Suffredin- For a Better Cook County  
 

Accountability
Forest Preserves
Public Safety
Cook County Budget
Forest Pres. Budget
Property Tax Appeal
Health & Hospitals
Land Bank Authority
Policy Resolutions
Unsung Heroine

 

   
 
   
   
 
   
     
  Office phone numbers:  
   
 
 

Search current and proposed Cook County Legislation in Larry's exclusive legislative library.

   
 

The Cook County Code of Ordinances are the current laws of Cook County.

   
  Last year more people used the County's forest preserves than visited Yellowstone National Park.
   
     
     
     



Dems in D.C. scold Stroger
County prez must fix hospital system, Sen. Durbin warns

Monday, May 14, 2007
Crain's Chicago Business
by Mike Colias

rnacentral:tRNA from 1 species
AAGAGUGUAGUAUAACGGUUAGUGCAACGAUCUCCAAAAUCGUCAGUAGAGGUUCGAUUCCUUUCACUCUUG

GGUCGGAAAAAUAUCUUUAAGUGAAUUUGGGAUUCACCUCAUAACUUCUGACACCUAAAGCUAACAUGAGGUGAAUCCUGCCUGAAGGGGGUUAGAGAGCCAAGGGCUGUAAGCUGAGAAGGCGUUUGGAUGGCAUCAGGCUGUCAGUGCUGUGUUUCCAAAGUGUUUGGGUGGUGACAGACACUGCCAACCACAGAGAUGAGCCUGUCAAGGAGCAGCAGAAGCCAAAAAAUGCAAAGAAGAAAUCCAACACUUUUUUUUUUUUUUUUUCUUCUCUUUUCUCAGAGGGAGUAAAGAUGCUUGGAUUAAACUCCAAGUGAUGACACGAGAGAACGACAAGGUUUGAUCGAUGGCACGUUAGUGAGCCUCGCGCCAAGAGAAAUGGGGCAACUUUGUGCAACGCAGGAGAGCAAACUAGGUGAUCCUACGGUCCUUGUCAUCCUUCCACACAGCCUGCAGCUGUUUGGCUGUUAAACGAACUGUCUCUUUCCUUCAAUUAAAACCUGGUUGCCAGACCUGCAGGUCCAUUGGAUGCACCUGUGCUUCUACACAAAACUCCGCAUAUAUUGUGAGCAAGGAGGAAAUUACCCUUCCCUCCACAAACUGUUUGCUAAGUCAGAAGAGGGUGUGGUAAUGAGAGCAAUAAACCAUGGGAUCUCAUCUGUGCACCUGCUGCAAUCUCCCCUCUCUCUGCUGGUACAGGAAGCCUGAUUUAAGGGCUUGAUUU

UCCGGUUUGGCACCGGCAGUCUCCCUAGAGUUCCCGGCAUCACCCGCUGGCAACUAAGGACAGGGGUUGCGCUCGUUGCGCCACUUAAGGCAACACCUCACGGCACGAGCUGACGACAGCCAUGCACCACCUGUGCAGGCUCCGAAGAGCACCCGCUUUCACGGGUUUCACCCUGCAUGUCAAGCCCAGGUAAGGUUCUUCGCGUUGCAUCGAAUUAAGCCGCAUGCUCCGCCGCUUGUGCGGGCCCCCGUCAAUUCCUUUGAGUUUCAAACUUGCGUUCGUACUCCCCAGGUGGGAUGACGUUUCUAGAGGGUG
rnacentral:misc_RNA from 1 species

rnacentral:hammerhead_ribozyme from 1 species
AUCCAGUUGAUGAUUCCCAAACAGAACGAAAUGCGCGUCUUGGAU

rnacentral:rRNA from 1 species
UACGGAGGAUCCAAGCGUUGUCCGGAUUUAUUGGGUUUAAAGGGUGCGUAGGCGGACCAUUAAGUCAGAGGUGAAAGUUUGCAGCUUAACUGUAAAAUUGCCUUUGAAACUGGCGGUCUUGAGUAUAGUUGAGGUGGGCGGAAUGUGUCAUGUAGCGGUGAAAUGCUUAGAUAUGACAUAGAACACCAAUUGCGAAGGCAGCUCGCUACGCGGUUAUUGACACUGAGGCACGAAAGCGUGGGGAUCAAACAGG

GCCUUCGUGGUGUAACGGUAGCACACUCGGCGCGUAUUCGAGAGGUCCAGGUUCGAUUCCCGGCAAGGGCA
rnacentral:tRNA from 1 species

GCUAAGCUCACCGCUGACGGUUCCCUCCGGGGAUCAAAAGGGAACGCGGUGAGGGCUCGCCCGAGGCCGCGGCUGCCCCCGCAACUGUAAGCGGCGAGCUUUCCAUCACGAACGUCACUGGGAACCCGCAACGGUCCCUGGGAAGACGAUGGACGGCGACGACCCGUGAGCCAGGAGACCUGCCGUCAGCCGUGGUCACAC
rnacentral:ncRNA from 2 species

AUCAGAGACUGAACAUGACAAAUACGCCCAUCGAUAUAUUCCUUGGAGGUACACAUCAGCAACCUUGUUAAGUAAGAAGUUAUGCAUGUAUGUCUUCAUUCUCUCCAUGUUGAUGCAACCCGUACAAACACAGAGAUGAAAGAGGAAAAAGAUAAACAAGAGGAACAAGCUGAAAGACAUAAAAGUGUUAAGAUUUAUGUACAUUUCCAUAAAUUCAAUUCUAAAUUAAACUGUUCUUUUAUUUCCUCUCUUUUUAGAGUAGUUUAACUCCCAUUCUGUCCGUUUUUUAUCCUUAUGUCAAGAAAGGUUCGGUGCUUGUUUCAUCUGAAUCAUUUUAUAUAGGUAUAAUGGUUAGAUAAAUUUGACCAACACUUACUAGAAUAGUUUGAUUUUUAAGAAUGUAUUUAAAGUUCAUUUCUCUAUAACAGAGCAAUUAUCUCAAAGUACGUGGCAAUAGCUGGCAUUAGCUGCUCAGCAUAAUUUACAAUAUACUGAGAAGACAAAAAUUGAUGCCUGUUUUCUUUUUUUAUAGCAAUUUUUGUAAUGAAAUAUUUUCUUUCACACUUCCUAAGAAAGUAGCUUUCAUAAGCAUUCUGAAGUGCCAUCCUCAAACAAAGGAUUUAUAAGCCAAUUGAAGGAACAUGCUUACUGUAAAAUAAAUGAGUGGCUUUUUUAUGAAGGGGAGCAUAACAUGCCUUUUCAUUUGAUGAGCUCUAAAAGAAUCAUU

Illinois' congressional delegation is pressing Cook County Board President Todd Stroger to clean up problems at the county's cash-strapped hospital system if he expects lawmakers to fight for more dollars from Washington.

During a tense meeting at Sen. Richard Durbin's office in the U.S. Capitol in March, the senator and a half-dozen other Illinois lawmakers raised concerns over problems that led to recent job and service cuts at county hospitals and clinics.

Sen. Durbin urged Mr. Stroger to bring in outside advisers "who know what they're doing" to help overhaul the system, says a person who attended the meeting.

Mr. Stroger appears to have heeded the blunt advice. This week, a freshly appointed "blue-ribbon committee" of local health and business leaders convenes in Chicago. At Sen. Durbin's insistence, the eight-member panel will look beyond the Bureau of Health Services' fiscal woes to recommend broader fixes to an entrenched management structure that critics say breeds patronage and incompetence.